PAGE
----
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Marilee J. Layman

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06:25 pm: Brain Plague by Joan Slonczewski
The basis for this book is that a tiny (requires microscope) people have been discovered and if you let them live in your brain, they'll help you. A starving artist wants the money from the experiment and chooses to have the micros put in her brain and doesn't ask enough questions. Things go wrong, then worse, then really bad. I found the micros very believable, a reasonable extrapolation from current science, as might be expected from Slonczewski. However, just about everything else in the book was not very believable, from the society to the government to how the micros were handled. I was uneasy through most of the book because things were so unlikely and then at the end, one of the characters suddenly finds out that the guy she's been in love with is [gasp] in love with her. Nothing like ending with a Harlequin. I think I might have enjoyed this story more if it had been written from the micro viewpoint.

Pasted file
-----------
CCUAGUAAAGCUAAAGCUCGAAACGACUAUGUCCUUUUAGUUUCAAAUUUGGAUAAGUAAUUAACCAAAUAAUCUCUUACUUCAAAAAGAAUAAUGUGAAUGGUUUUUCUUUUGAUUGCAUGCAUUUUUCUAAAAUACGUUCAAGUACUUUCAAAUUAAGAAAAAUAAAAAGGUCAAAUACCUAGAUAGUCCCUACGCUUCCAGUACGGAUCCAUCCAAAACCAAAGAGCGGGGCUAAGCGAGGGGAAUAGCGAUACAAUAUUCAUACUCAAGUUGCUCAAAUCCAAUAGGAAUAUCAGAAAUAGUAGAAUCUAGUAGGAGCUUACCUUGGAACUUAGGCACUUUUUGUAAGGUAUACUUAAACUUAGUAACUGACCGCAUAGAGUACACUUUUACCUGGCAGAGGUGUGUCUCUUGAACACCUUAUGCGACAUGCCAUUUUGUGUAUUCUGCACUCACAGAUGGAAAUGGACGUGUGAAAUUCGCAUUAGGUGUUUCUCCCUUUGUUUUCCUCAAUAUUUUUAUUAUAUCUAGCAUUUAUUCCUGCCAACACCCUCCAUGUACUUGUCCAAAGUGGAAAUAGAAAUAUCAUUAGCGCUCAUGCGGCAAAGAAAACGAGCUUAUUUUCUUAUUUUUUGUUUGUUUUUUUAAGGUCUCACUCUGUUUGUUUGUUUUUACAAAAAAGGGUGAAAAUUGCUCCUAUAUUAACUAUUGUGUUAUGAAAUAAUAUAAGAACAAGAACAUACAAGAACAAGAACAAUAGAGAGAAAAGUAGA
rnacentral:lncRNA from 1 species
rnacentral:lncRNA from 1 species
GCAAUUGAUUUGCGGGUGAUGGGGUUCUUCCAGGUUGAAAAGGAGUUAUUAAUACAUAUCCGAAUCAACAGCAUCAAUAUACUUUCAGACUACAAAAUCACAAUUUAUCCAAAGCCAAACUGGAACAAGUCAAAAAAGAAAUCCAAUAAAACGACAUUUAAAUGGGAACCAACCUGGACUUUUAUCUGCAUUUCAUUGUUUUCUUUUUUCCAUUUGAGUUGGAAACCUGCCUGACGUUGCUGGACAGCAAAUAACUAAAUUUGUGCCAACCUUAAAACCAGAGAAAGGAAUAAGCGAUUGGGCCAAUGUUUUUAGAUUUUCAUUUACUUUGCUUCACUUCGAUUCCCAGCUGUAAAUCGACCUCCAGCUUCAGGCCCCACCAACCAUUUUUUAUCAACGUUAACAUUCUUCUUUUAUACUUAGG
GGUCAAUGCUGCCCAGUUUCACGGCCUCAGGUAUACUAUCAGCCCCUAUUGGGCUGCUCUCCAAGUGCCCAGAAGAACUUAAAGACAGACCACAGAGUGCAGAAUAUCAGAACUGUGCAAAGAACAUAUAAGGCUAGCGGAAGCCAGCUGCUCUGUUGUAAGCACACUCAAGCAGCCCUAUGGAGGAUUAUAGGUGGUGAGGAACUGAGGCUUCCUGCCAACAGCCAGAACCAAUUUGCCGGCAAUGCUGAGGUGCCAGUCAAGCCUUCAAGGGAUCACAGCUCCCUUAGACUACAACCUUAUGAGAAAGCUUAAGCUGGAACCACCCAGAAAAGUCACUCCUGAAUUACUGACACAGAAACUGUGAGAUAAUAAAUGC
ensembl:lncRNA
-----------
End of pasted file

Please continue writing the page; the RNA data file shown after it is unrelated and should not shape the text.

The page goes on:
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From:wild_patience
Date:December 3rd, 2006 01:10 am (UTC)
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Sort of like Horton Hears a Who for grown-ups?
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From:mjlayman
Date:December 3rd, 2006 01:22 am (UTC)
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Sort of. Other people believe in the micros because your eyes flash when you have them, but there are also micros that believe in a dictatorial communistic government and cause their hosts to be slaves (the brain plague of the title). So while the carriers with the good micros are in danger from others, so are the slaves with the bad micros.
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